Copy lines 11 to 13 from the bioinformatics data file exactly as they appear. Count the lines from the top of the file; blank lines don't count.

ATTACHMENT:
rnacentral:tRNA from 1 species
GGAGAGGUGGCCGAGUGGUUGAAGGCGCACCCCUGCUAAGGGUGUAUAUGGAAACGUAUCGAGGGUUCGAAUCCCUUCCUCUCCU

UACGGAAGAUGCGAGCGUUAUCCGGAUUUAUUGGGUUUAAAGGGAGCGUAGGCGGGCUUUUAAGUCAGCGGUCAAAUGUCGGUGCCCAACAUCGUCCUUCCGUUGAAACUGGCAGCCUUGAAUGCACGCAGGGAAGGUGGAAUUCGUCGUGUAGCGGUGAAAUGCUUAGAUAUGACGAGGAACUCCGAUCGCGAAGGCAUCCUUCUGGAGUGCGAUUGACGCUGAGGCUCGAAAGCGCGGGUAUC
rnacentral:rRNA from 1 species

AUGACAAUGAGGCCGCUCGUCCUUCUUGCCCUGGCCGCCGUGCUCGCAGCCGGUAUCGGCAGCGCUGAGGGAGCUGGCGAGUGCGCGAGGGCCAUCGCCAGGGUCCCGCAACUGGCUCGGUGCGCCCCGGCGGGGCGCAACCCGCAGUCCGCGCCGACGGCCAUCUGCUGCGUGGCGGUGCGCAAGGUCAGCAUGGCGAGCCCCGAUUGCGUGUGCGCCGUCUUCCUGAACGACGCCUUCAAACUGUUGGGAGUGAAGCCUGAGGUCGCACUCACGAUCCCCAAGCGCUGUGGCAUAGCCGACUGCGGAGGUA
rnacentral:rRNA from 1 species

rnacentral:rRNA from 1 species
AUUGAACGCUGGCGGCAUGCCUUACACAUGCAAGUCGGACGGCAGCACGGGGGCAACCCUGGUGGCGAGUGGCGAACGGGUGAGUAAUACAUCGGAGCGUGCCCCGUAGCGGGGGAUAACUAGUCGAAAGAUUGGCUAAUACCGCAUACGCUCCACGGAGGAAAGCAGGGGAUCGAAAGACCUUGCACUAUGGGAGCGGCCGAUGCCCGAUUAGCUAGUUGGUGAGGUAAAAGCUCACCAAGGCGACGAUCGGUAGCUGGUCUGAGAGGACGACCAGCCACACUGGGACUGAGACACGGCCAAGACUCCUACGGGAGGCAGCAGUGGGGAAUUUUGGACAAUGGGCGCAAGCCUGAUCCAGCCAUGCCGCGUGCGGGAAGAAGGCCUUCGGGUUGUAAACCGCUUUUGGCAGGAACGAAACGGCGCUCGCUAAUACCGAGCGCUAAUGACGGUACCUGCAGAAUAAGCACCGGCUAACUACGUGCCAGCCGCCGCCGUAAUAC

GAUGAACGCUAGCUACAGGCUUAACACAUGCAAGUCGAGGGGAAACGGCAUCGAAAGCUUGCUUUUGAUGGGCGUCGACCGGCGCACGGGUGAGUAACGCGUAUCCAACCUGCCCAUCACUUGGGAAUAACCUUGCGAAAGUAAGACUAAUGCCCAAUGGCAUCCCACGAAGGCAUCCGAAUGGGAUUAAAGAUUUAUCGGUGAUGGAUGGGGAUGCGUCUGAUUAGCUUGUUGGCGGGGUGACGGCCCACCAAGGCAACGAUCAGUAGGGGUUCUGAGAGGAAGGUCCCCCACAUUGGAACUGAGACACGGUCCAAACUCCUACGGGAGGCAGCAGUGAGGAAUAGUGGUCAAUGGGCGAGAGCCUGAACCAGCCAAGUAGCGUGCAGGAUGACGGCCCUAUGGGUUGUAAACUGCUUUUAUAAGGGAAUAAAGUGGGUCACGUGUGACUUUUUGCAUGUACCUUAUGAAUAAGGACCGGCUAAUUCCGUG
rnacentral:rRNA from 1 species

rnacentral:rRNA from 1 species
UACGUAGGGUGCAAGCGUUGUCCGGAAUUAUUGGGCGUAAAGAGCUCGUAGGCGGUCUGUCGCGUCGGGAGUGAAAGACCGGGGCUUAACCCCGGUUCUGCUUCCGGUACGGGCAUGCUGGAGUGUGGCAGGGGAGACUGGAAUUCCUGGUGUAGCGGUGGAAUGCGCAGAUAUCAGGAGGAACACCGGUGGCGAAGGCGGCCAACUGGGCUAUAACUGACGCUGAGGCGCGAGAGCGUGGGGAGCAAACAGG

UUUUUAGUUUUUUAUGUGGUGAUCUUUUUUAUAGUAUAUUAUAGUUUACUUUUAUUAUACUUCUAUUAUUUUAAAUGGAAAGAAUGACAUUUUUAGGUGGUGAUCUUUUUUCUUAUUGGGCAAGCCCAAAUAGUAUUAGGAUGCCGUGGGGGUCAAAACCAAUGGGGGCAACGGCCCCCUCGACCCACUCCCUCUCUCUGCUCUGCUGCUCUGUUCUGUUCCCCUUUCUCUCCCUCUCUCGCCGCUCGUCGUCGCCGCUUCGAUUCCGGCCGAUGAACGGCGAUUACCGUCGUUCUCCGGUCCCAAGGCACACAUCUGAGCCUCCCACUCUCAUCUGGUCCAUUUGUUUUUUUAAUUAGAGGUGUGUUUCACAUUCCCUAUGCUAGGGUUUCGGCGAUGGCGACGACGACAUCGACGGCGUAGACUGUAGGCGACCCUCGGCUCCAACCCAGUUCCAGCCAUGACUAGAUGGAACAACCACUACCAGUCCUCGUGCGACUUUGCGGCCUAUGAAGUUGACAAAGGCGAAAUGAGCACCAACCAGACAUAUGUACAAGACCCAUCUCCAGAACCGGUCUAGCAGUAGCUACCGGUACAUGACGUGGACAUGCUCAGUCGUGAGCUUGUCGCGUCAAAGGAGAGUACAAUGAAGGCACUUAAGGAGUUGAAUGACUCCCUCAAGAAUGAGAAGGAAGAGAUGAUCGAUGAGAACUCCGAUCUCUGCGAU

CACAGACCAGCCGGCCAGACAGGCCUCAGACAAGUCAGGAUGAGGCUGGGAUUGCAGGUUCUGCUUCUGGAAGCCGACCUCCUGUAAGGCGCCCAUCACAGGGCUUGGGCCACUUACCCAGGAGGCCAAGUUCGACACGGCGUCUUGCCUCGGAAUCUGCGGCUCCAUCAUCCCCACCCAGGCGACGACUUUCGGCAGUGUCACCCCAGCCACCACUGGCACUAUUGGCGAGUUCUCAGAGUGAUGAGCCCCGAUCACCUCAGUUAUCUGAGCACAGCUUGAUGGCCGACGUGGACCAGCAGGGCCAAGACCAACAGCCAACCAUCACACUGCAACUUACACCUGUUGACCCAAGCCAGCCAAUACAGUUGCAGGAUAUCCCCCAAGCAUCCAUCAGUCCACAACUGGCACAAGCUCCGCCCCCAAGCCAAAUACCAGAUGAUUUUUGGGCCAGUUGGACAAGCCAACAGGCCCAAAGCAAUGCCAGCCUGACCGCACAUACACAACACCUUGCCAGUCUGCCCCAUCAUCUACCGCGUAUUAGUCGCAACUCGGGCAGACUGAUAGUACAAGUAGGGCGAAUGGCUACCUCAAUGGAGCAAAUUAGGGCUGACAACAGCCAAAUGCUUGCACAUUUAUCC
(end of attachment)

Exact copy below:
rnacentral:rRNA from 1 species
UACGUAGGGUGCAAGCGUUGUCCGGAAUUAUUGGGCGUAAAGAGCUCGUAGGCGGUCUGUCGCGUCGGGAGUGAAAGACCGGGGCUUAACCCCGGUUCUGCUUCCGGUACGGGCAUGCUGGAGUGUGGCAGGGGAGACUGGAAUUCCUGGUGUAGCGGUGGAAUGCGCAGAUAUCAGGAGGAACACCGGUGGCGAAGGCGGCCAACUGGGCUAUAACUGACGCUGAGGCGCGAGAGCGUGGGGAGCAAACAGG

UUUUUAGUUUUUUAUGUGGUGAUCUUUUUUAUAGUAUAUUAUAGUUUACUUUUAUUAUACUUCUAUUAUUUUAAAUGGAAAGAAUGACAUUUUUAGGUGGUGAUCUUUUUUCUUAUUGGGCAAGCCCAAAUAGUAUUAGGAUGCCGUGGGGGUCAAAACCAAUGGGGGCAACGGCCCCCUCGACCCACUCCCUCUCUCUGCUCUGCUGCUCUGUUCUGUUCCCCUUUCUCUCCCUCUCUCGCCGCUCGUCGUCGCCGCUUCGAUUCCGGCCGAUGAACGGCGAUUACCGUCGUUCUCCGGUCCCAAGGCACACAUCUGAGCCUCCCACUCUCAUCUGGUCCAUUUGUUUUUUUAAUUAGAGGUGUGUUUCACAUUCCCUAUGCUAGGGUUUCGGCGAUGGCGACGACGACAUCGACGGCGUAGACUGUAGGCGACCCUCGGCUCCAACCCAGUUCCAGCCAUGACUAGAUGGAACAACCACUACCAGUCCUCGUGCGACUUUGCGGCCUAUGAAGUUGACAAAGGCGAAAUGAGCACCAACCAGACAUAUGUACAAGACCCAUCUCCAGAACCGGUCUAGCAGUAGCUACCGGUACAUGACGUGGACAUGCUCAGUCGUGAGCUUGUCGCGUCAAAGGAGAGUACAAUGAAGGCACUUAAGGAGUUGAAUGACUCCCUCAAGAAUGAGAAGGAAGAGAUGAUCGAUGAGAACUCCGAUCUCUGCGAU